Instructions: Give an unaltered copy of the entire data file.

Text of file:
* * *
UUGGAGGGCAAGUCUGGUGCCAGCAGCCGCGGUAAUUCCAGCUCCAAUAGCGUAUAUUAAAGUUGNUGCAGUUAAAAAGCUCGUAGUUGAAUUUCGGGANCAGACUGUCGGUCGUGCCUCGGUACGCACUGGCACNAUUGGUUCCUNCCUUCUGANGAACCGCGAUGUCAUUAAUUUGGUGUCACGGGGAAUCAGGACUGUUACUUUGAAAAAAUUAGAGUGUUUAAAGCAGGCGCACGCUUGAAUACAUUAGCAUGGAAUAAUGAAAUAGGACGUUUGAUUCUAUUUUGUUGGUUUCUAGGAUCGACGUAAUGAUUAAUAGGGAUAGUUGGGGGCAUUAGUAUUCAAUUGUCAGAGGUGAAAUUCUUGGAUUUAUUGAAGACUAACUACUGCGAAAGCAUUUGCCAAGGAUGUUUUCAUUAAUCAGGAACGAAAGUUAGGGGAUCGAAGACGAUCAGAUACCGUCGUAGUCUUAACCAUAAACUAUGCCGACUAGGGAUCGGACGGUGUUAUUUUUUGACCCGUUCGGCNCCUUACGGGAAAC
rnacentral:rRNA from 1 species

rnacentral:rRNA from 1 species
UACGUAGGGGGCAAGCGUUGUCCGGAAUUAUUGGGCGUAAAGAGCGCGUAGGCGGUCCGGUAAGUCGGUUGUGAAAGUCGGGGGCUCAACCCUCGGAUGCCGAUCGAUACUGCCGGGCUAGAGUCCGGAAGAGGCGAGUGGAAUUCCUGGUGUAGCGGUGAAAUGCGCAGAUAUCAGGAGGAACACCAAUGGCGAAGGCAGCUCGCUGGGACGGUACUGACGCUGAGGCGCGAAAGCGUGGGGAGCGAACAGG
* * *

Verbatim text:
UUGGAGGGCAAGUCUGGUGCCAGCAGCCGCGGUAAUUCCAGCUCCAAUAGCGUAUAUUAAAGUUGNUGCAGUUAAAAAGCUCGUAGUUGAAUUUCGGGANCAGACUGUCGGUCGUGCCUCGGUACGCACUGGCACNAUUGGUUCCUNCCUUCUGANGAACCGCGAUGUCAUUAAUUUGGUGUCACGGGGAAUCAGGACUGUUACUUUGAAAAAAUUAGAGUGUUUAAAGCAGGCGCACGCUUGAAUACAUUAGCAUGGAAUAAUGAAAUAGGACGUUUGAUUCUAUUUUGUUGGUUUCUAGGAUCGACGUAAUGAUUAAUAGGGAUAGUUGGGGGCAUUAGUAUUCAAUUGUCAGAGGUGAAAUUCUUGGAUUUAUUGAAGACUAACUACUGCGAAAGCAUUUGCCAAGGAUGUUUUCAUUAAUCAGGAACGAAAGUUAGGGGAUCGAAGACGAUCAGAUACCGUCGUAGUCUUAACCAUAAACUAUGCCGACUAGGGAUCGGACGGUGUUAUUUUUUGACCCGUUCGGCNCCUUACGGGAAAC
rnacentral:rRNA from 1 species

rnacentral:rRNA from 1 species
UACGUAGGGGGCAAGCGUUGUCCGGAAUUAUUGGGCGUAAAGAGCGCGUAGGCGGUCCGGUAAGUCGGUUGUGAAAGUCGGGGGCUCAACCCUCGGAUGCCGAUCGAUACUGCCGGGCUAGAGUCCGGAAGAGGCGAGUGGAAUUCCUGGUGUAGCGGUGAAAUGCGCAGAUAUCAGGAGGAACACCAAUGGCGAAGGCAGCUCGCUGGGACGGUACUGACGCUGAGGCGCGAAAGCGUGGGGAGCGAACAGG